Nadine Dorries took aim at the BBC’s Laura Kuenssberg for tweeting out the contents of a text from an anonymous source which insulted the prime minister – before claiming she had been misinterpreted the following day.
The cabinet minister replied to one of Kuenssberg’s tweets on Wednesday and said: “Laura, I very much like you and respect you, but we both know, that text is ridiculous although nowhere near as ridiculous as the person – obviously totally desperate for your attention – who sent it.”
Kuenssberg, the BBC’s political editor, had tweeted: “After PMQs, then liaison committee, the prime minister then went to face his own MPs at the 1922 committee – one texts to say, ‘he looked weak and sounded weak’, ‘authority is evaporating.’”
Dorries later deleted her tweet after it caused a stir but Labour MP and shadow culture secretary Jo Stevens mentioned the issue in the Commons on Thursday.
She also indicated that Dorries was already frustrated towards the BBC after Radio 4 presenter Nick Robinson told the prime minister to “stop talking” a few weeks ago.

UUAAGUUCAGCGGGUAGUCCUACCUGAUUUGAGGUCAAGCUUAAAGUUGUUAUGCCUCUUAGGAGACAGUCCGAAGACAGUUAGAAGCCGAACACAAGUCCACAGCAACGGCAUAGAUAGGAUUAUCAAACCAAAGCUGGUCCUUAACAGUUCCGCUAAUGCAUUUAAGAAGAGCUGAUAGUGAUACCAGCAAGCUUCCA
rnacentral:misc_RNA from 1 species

According to The Times, the culture secretary told friends: “Nick Robinson has cost the BBC a lot of money.”
After PMQs, then Liaison Committe, PM then went to face his own MPs at the 1922 committee - one texts to say, he 'looked weak and sounded weak' , 'authority is evaporating'
— Laura Kuenssberg (@bbclaurak) November 17, 2021
Dorries is an ally of Boris Johnson and was promoted to culture secretary in his cabinet reshuffle in September.
The prime minister has been fielding a lot more criticism recently due to the ongoing sleaze row surrounding his party, backlash over his latest U-turn with the northern rail plans and concerns that COP26 – the UN climate summit he hosted in Glasgow – did not go as well as it needed to.
He is subsequently slumping in popularity polls from YouGov and his repeated U-turns have left Tory backbenchers particularly unhappy – which may explain why Dorries tweeted in defence of Johnson so quickly.
This chart from @YouGov probably makes the point clearest. The drop in support for the Tories looks a lot more like a trend than a blip caused by the sleaze stories.https://t.co/7EdZ4vfojMpic.twitter.com/caH8swe0AL
— Chris Curtis (@chriscurtis94) November 18, 2021
In the Commons, Dorries dismissed the meaning behind her tweet.
She said: “I did not rebuke Laura Kuenssberg, someone who is maybe the best in the business...some members of the opposition seem to have difficulty understanding a composition of 240 characters.
“The tweet was completely misinterpreted I was not rebuking Laura Kuenssberg and never would.”
The BBC declined to comment when approached by HuffPost UK.
As the culture secretary, Dorries warned the BBC earlier in the year about the cost of the licence fee and cuts to the broadcaster.
She claimed on Thursday that she was “close to reaching an agreement” with the BBC over the sensitive subject.
This article originally appeared on HuffPost UK and has been updated.